RALEIGH Eric Staal got to Raleigh Center Ice a little after 10 a.m. Wednesday, throwing on his skates for his first informal workout with some of his Carolina Hurricanes teammates.
"Always good to see the big guy back," Canes forward Pat Dwyer said.
Staal skated and stick-handled. He shot the puck, played some two-on-two and had a few laughs with the guys.
If you didn't know Staal had suffered a major knee injury in May, after taking a dangerous knee-on-knee hit, you would have thought it was just another day at the rink for the Canes captain.
Staal didn't wear a knee brace or any tape. Nor, he said, has he had any setbacks during his physical rehabilitation.
"It felt good," he said of the knee after the on-ice work. "It has been no issue here the last little while. It's good to be back and it felt strong. I feel good."
Staal was pretty angry after the injury. Competing for Canada in the IIHF World Championship in Sweden, he was hit on the right knee by Swedish defenseman Alex Edler, who plays in the NHL for the Vancouver Canucks.
Staal suffered a third-degree sprain of the medial collateral ligament. Edler was suspended by the International Ice Hockey Federation, which called the collision reckless and dangerous.
Staal, 28, didn't need surgery but his rehab started painfully slow. When he returned to Raleigh in early June to help unveil and model the Canes' new-look uniforms, he was limping.
Staal noted that on his first time on a stationary bike, he couldn't make a full turn of the pedal.
"It was slowly rocking back and forth, basically, until I got to that point," he said. "Then you slowly get more movement every day and every week it gets a little better, then you start amping up the workouts a little."
It helped that goaltender Cam Ward went through similar rehab for a similar knee injury. Ward had a third-degree MCL sprain of his left knee during a March 3 game in Florida, prematurely ending his season, and he could offer advice and support for Staal.
"It was unfortunate to see that happen to him," Ward said. "I'm just happy to see him skating and working out with us and looking good."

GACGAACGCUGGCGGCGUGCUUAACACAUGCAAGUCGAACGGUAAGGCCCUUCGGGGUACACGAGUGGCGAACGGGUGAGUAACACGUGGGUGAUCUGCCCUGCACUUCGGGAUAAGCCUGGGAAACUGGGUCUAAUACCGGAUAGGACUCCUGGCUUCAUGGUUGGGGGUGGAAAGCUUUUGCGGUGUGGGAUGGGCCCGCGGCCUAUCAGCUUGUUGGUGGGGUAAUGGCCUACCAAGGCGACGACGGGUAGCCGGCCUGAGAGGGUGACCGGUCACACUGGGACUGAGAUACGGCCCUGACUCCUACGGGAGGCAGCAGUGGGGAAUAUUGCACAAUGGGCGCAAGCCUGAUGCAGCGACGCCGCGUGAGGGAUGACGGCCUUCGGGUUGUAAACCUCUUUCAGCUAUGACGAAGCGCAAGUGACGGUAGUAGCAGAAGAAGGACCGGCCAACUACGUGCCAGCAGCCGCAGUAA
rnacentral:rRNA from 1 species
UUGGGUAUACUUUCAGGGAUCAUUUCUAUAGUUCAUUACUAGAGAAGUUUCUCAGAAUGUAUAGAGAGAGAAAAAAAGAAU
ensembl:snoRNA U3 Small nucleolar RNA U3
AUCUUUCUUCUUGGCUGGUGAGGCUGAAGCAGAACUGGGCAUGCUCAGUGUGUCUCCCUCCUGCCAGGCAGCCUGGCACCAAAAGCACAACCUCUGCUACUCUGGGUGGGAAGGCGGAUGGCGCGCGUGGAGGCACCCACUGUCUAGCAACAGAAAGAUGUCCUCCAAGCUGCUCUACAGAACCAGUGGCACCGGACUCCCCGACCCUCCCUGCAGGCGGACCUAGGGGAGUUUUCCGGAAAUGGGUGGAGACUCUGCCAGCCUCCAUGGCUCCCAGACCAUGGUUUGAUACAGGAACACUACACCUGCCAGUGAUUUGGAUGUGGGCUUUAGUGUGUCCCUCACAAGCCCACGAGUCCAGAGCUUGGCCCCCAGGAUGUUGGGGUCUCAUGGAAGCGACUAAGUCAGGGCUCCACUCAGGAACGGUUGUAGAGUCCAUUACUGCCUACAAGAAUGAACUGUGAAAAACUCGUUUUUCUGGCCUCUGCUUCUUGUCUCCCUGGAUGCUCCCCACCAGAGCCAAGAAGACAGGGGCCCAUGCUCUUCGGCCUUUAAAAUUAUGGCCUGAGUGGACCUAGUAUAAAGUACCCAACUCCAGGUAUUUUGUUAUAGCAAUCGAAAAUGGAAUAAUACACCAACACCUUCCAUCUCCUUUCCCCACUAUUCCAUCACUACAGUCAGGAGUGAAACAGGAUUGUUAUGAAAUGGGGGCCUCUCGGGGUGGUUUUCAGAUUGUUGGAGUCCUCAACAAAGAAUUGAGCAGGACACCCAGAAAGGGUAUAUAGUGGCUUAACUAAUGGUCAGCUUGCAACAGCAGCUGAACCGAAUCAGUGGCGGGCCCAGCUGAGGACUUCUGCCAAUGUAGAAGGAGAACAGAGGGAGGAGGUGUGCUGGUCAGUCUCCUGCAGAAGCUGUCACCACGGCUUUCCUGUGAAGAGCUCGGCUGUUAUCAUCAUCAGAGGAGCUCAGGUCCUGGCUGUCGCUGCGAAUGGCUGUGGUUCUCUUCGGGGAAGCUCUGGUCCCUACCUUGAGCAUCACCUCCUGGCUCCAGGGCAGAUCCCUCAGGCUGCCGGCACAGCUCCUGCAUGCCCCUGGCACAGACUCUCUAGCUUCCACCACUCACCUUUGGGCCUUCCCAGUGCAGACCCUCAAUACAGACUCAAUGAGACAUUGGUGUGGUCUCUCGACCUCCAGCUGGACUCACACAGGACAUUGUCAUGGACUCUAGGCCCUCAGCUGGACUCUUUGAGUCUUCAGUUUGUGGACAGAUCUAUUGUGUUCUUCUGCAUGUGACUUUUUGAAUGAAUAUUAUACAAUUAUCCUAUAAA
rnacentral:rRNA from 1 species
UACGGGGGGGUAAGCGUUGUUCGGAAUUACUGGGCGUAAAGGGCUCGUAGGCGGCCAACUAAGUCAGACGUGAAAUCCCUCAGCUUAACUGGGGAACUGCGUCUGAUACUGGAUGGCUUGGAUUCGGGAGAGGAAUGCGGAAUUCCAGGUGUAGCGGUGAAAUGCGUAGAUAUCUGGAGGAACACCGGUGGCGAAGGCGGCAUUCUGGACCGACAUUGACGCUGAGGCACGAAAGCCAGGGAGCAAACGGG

Finally, about two weeks ago, Staal took to the ice for the first time in Thunder Bay, Ont. There was some apprehension, he said, but not for long.
"I was a little tentative and nervous to see how it felt," he said. "There were five other guys skating and I just stuck to my one end and just did some crossovers and shot the puck. I actually felt fine. I felt like I normally would feel.
"It was a good thing and I was back on the ice two days later. it's been good since. I'm feeling really good now."
That's a good thing for the Hurricanes. Staal centered one of the most productive lines in the NHL last season, with Jiri Tlusty and Alex Semin on the wings.
To reach the Stanley Cup playoffs for the first time since 2009, the Canes likely will need a big year from Staal, their leading scorer last season with 53 points (18 goals, 35 assists).
Staal hopes to play for Canada in the 2014 Olympics in Sochi, Russia, as Canada defends the gold medal Staal helped win for his country in the 2010 Vancouver Winter Games. He'll attend the Team Canada Olympic orientation camp that begins Sunday in Calgary, as will brother Jordan Staal, who is about to begin his second season with the Canes.
Carolinas training camp begins Sept. 11 and the season-opener is Oct. 4 against the Detroit Red Wings at PNC Arena. The Hurricanes will be in a new eight-team division -- the Metropolitan.
"Every time you get back, you get the excitement going for a new year," Staal said.
Alexander: 919-829-8945; Twitter: @ice_chip
The Charlotte Observer welcomes your comments on news of the day. The more voices engaged in conversation, the better for us all, but do keep it civil. Please refrain from profanity, obscenity, spam, name-calling or attacking others for their views.
Have a news tip? You can send it to a local news editor; email firstname.lastname@example.org to send us your tip - or - consider joining the Public Insight Network and become a source for The Charlotte Observer.Read moreRead less